Benzene transport through landfill liners containing organophilic bentonite

James A. Smith, Peter R. Jaffe

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The mineral surface of Wyoming bentonite was modified by replacing inorganic ions by different quaternary ammonium compounds of known molecular structure by an ion-exchange process. The resulting organically modified bentonites (organobentonites) were evaluated for their suitability as components of compacted earthen liners for waste-disposal sites. Varying weight percentages of an Ottawa sand, either of five types of organobentonites, untreated bentonite, and water were mixed uniformly and compacted to simulate sand-and-bentonite liners for waste-disposal facilities. The hydraulic conductivities of the compacted soil specimens were measured in triplicate. The hydraulic conductivities of compacted specimens composed of 88% (by mass) Ottawa sand, 8% untreated bentonite, and 4% or- ganobentonite were on the order of 10-8 cm/s. Benzene sorption from water to Ottawa sand, bentonite, and two of the organobentonites was measured experimentally. Benzene sorption to each organobentonite was significantly greater than benzene sorption to bentonite or Ottawa sand. The sorption and permeability data were input into a one-dimensional solute transport model to simulate benzene transport through a conventional earthen liner and two liners containing organobentonites. Results of the simulations indicate that earthen liners containing organobentonites significantly retard the transport of benzene relative to a conventional liner.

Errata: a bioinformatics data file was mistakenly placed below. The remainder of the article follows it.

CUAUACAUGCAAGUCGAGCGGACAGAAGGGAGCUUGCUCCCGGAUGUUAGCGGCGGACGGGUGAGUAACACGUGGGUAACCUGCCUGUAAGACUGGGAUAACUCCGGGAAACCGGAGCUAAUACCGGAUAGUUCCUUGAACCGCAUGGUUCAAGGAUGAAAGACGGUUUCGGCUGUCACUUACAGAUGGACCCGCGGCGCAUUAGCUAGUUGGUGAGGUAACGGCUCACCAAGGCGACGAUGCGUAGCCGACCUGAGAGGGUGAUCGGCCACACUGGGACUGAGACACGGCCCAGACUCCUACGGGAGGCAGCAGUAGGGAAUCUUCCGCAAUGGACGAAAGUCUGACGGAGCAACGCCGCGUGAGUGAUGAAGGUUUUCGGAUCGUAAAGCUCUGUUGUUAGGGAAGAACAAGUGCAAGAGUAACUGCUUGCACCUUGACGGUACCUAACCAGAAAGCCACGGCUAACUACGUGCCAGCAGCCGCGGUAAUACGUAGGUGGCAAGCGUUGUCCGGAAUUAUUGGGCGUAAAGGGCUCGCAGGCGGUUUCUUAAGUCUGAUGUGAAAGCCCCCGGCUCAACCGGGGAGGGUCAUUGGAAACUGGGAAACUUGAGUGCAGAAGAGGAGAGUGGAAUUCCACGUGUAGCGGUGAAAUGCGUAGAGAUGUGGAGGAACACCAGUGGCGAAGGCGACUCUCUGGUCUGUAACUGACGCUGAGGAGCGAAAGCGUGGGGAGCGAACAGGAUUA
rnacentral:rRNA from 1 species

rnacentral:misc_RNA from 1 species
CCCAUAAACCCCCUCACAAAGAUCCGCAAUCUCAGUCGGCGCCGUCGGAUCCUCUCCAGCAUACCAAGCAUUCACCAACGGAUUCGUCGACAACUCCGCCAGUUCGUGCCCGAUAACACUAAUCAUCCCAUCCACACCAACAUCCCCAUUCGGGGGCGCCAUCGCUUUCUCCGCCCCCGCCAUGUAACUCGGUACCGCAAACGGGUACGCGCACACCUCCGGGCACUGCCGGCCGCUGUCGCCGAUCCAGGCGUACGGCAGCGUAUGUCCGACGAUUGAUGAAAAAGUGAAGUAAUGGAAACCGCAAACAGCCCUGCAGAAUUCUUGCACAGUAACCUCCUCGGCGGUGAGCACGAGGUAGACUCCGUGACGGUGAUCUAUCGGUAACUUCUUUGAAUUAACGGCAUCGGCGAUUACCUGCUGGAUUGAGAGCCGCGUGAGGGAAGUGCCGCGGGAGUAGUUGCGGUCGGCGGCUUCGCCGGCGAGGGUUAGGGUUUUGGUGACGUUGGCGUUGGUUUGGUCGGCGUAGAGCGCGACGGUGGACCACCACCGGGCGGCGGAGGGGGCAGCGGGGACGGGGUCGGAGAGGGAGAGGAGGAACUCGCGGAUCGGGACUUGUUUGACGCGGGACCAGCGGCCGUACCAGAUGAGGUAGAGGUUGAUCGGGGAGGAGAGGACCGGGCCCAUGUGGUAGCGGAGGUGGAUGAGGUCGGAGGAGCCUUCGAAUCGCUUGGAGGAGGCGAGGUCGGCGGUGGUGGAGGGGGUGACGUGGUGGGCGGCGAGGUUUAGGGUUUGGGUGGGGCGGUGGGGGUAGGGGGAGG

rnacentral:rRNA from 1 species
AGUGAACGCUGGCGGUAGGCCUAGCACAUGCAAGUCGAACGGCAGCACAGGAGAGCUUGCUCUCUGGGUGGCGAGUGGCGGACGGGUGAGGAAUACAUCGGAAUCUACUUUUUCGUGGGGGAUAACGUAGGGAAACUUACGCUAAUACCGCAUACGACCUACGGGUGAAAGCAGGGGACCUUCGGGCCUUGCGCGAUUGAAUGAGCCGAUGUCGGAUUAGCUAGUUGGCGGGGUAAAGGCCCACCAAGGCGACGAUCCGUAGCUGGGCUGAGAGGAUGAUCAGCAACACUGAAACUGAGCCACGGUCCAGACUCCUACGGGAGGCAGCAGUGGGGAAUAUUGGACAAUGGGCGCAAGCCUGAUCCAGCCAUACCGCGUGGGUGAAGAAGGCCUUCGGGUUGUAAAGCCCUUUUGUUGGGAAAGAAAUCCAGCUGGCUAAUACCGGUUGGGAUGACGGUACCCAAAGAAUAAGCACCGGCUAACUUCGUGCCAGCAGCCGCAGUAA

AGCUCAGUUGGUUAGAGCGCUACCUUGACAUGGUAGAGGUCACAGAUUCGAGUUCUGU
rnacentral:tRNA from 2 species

Original languageEnglish (US)
Pages (from-to)1559-1576
Number of pages18
JournalJournal of Environmental Engineering (United States)
Issue number6
StatePublished - Nov 1994

All Science Journal Classification (ASJC) codes

  • Environmental Engineering
  • Environmental Chemistry
  • Civil and Structural Engineering
  • General Environmental Science


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